This essay is part of the series PoLAR Online Emergent Conversation on Peer Review as Intellectual Accompaniment
I vividly remember the first time I was asked to peer review for a journal. I was a first year assistant professor, still excited that I’d made it onto the tenure track. I felt that I had hit the big time. Being asked to peer review only underscored that feeling: they wanted my opinion, and I was full of strong opinions.
The article I was asked to review was, to put it charitably, mediocre. How eagerly I slashed into it! With what passion I argued with its premises! Even now, I can feel the delightful thrill of indignation, the joy of outrage, and the deep pleasure at being right. I made sure to emphasize my incredible rightness with hyperbole and light snark, just so the editors would see how clever I was. I genuinely believed that the author would benefit from my stern dressing-down, would see the error of his or her ways, and that academia would be saved from another wrong argument.
Of course, now, I’m deeply ashamed that I ever reviewed like that. Having my own manuscripts torn to shreds by the proverbial Reviewer Two has generated a lot more empathy. But remembering the pleasures of savage peer review reminds me that bad peer review is never about the author of the manuscript under review. Instead, it’s about the reviewer: his or her insecurities, desires for respect and status, and above all, a very deep need to feel like a good person. Bad peer reviews are almost always based on sanctimony—and there is no joy like not only being right but also being good.
Anthropology, which has long based itself on denunciation as a mode of exposition, is particularly prone to this problem. We very often write in a moralizing mode, pointing out the historic wrongs of colonialism, capitalism, racism and more. We often seek to trace these moral wrongs into the present by identifying bad actors and dangerous ideas and sitting in judgement of them. The flip side of denouncing wrongs is the implication that the author, by virtue of being able to see evil, must necessarily be good. Moral rectitude is often the stock in trade of anthropologists. I’m guilty of this myself: I write in high dudgeon, pointing out the flaws of institutions and the people who inhabit them, without necessarily pointing out alternatives. Assholery, as I’ve pointed out elsewhere, pervades the discipline, and peer review is not exempt. Sanctimony is an unfortunate part of that problem: it makes writing in the denunciatory mode relentlessly self-referential, even when it isn’t explicitly so, by seeking to portray the denouncer as either more intelligent or more morally pure or both. Vicious peer reviews, then, are about the production of the reviewer as superior.
If self-referentiality and sanctimony are at the heart of bad peer review—and by this I don’t mean rigorous engagement with argument, but rather deliberately destructive, mean, and hurtful language—what’s the alternative? I think that centering the writer of the manuscript must be at the heart of good peer review. Considering the author’s feelings are, obviously part of that: I always tell myself that negative remarks have to be softened by 50 percent, and positive ones intensified by 100 percent, because authors seem to amplify negative remarks in their own minds and dismiss the positive ones. You want to give people positive words to hold onto and repeat to themselves as they confront the critique, or they won’t be able to get up the courage to act on criticism. Making the author the center of attention also has the happy effect of submerging the reviewer: the intelligence or goodness of the reviewer are no longer what’s being produced when the focus is squarely on the argument of the manuscript.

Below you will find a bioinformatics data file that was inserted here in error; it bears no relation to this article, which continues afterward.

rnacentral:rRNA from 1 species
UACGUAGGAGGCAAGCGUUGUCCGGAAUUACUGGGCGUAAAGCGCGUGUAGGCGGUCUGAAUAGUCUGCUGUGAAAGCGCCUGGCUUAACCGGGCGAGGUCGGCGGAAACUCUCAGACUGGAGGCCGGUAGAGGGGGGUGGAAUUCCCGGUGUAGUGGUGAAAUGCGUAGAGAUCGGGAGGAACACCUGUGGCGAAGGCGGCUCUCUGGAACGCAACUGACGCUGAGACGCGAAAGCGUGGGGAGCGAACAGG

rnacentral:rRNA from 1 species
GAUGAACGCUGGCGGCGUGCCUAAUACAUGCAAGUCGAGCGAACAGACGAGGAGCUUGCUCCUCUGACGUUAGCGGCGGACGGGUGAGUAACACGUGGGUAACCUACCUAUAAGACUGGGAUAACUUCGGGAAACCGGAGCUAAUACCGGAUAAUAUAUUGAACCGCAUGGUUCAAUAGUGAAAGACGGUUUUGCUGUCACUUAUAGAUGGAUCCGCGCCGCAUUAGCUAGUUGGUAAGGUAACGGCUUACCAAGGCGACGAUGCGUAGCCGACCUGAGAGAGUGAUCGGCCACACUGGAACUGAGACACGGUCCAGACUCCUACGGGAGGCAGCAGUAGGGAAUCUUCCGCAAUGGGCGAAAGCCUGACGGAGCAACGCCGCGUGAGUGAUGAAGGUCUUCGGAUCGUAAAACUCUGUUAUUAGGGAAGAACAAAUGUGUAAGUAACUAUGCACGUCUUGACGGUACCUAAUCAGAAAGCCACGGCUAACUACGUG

But good peer review isn’t just about kindness (after all, isn’t the production of “kindness” also a form of sanctimony?). Instead, I focus hard on making actionable suggestions. Editors expect authors to respond to peer reviews by changing the manuscript. It’s therefore not helpful to hear “this is terrible” without being presented an alternative pathway. Phrases like “You might consider” and “have you thought about” push me, as a reviewer, to come up with actionable suggestions while moderating my tone substantially. Likewise, offering suggestions of literature to consider with descriptions of the main ideas you think need to be incorporated into the paper, offering suggestions of how to restructure an argument by briefly re-outlining it for the author, and especially finding points where the author can amplify, elaborate, or emphasize significant points are all suggestions authors can act on quickly and efficiently, using the review as a punchlist of what to do.
Authors may accept your suggestions or not. Most editors think rejecting a suggestion is a perfectly valid response to a review, as long as the author explains why. But at least with actionable suggestions, they will have an emotionally neutral list of ideas to work through in an orderly fashion, rather than an amorphous blob of negative affect and a smug reviewer to blame for it. Continually thinking about what an author can do to improve the work, then, is the antidote to sanctimony. This, in practical terms is “thinking with” an author, as Čarna Brković suggests: not only engaging with the author’s ideas, but also helping the author navigate the review process by structuring the way they can respond to the review.
Elizabeth Cullen Dunn is Director of the Center for Refugee Studies at Indiana University. She has served on the editorial boards of Cultural Anthropology and American Ethnologist, and completes more than 40 peer reviews of articles, book manuscripts, and grant applications a year